The up of a long arrangements of amino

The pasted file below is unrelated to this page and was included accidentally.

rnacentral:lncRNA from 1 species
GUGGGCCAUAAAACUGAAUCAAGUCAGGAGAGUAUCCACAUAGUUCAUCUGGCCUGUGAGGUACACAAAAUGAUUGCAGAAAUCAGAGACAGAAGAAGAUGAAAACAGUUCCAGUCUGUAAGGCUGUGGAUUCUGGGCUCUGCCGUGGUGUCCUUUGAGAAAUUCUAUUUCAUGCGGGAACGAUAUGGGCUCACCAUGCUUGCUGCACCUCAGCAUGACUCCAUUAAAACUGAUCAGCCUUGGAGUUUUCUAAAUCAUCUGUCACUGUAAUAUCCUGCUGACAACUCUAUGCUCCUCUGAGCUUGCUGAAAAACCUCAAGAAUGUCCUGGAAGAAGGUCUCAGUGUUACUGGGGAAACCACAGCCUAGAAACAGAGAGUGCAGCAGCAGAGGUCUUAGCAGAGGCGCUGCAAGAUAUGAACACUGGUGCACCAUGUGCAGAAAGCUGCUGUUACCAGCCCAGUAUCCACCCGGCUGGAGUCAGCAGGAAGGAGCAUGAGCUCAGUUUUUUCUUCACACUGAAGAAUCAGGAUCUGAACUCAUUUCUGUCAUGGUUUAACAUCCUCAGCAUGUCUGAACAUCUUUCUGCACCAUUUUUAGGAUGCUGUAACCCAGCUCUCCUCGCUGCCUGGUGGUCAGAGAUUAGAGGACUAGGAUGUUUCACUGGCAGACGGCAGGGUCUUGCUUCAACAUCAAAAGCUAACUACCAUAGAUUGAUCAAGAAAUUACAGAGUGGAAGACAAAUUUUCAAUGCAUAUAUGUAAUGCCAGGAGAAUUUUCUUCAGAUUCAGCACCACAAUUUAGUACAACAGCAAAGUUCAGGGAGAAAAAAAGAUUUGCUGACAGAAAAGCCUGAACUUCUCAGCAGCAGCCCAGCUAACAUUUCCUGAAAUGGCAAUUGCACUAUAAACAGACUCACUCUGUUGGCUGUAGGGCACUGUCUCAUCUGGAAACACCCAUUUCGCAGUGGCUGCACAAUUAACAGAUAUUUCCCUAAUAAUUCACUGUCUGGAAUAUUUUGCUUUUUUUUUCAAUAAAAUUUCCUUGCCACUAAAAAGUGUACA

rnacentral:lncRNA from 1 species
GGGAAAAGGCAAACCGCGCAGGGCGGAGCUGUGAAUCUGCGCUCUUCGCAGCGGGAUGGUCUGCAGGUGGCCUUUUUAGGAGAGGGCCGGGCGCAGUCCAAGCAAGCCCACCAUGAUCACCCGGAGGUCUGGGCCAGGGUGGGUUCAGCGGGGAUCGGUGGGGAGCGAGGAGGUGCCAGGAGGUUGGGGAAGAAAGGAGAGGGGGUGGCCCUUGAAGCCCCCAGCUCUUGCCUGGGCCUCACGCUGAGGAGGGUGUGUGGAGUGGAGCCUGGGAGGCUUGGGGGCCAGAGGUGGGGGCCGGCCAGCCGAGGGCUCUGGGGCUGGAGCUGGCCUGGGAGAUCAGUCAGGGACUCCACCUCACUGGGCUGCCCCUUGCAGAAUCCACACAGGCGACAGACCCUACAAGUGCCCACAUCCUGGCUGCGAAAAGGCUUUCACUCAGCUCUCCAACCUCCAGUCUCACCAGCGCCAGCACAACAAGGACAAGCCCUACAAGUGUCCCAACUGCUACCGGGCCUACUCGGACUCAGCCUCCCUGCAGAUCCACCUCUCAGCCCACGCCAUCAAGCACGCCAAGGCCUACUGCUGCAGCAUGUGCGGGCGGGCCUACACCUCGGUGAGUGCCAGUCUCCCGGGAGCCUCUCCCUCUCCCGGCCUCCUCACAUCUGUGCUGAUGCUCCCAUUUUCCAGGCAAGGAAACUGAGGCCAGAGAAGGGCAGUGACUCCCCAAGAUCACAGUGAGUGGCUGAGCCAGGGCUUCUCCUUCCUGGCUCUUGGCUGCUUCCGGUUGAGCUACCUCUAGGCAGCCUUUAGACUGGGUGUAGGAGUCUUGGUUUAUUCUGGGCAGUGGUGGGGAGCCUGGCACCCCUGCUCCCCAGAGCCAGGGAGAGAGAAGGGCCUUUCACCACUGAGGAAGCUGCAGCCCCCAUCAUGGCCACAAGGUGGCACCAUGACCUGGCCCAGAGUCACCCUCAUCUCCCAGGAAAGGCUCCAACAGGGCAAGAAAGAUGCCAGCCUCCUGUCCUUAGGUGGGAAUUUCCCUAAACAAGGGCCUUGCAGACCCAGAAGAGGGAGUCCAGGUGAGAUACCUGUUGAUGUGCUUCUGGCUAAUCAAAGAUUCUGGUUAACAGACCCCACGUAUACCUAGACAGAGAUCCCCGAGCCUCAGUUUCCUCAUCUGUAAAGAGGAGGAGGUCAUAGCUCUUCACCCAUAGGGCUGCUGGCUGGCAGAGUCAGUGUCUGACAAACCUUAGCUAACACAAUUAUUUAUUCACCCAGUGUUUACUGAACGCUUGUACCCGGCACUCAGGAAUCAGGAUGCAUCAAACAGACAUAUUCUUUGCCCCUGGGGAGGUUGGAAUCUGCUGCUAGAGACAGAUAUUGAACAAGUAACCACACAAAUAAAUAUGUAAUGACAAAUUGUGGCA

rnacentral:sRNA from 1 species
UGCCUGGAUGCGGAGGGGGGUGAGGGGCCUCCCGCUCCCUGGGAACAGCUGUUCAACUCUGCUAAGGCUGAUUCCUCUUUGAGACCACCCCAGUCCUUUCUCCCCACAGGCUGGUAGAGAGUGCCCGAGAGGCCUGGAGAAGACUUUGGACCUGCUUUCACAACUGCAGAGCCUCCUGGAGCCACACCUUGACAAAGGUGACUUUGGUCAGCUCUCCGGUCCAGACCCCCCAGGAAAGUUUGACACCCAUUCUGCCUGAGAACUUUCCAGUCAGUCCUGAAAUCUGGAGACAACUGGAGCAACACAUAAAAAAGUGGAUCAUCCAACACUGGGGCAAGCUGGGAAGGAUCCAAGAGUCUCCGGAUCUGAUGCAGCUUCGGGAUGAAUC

The article I read this week was called “A new gel could help in the fight against deadly, drug-resistant superbugs” by Maria Temming ( This article talked about antibiotic and antibiotic resistant bacteria studies and one microbiologist at Emory University School of Medicine in Atlanta, David Weiss, although he was not actually involved in the work. Recently, a new gel was tested on human skin, as well as mice, and came back with exciting results. Apparently, the medicine was able to eliminate from wounds a “strain of Staphylococcus aureus that is resistant to methicillin and other antibiotics, and antibiotic-resistant Acinetobacter baumannii”. Those two microbes are huge problems in many hospitals, causing serious infections. The main ingredient of this gel is called SAAP-148. It’s a chain of amino acids. It was found by Netherland researchers when they used a bacteria-fighting peptide normally found naturally in humans. Collagen is a protein made up of a long arrangements of amino acids formed like a chain. When this collagen breaks down, shorter segments of amino acids are made. These tiny proteins and active molecules are referred to as peptides. This prevents the formation of biofilms, a slime that protects bacteria against antibiotics. In addition to this, after a few weeks, as is usual, the microbes didn’t develop a resistance SAAP-148. Starting in 2018, the effects of this gel put into practice on humans and studies. The article includes a digitally created image of the biofilms.This topic relates to health science and technology, and I chose it because it such a new discovery, right in the beginning of the year, and it addresses an important issue. If this is taken further it will prove beneficial to hospitals all over the world, and their hopeful patients. People are wounded everyday, and in turn, infected. This could prevent that, so it’s essential that it continues being studied. As this is studied, it should be shared and advertised, so it can be put to good use.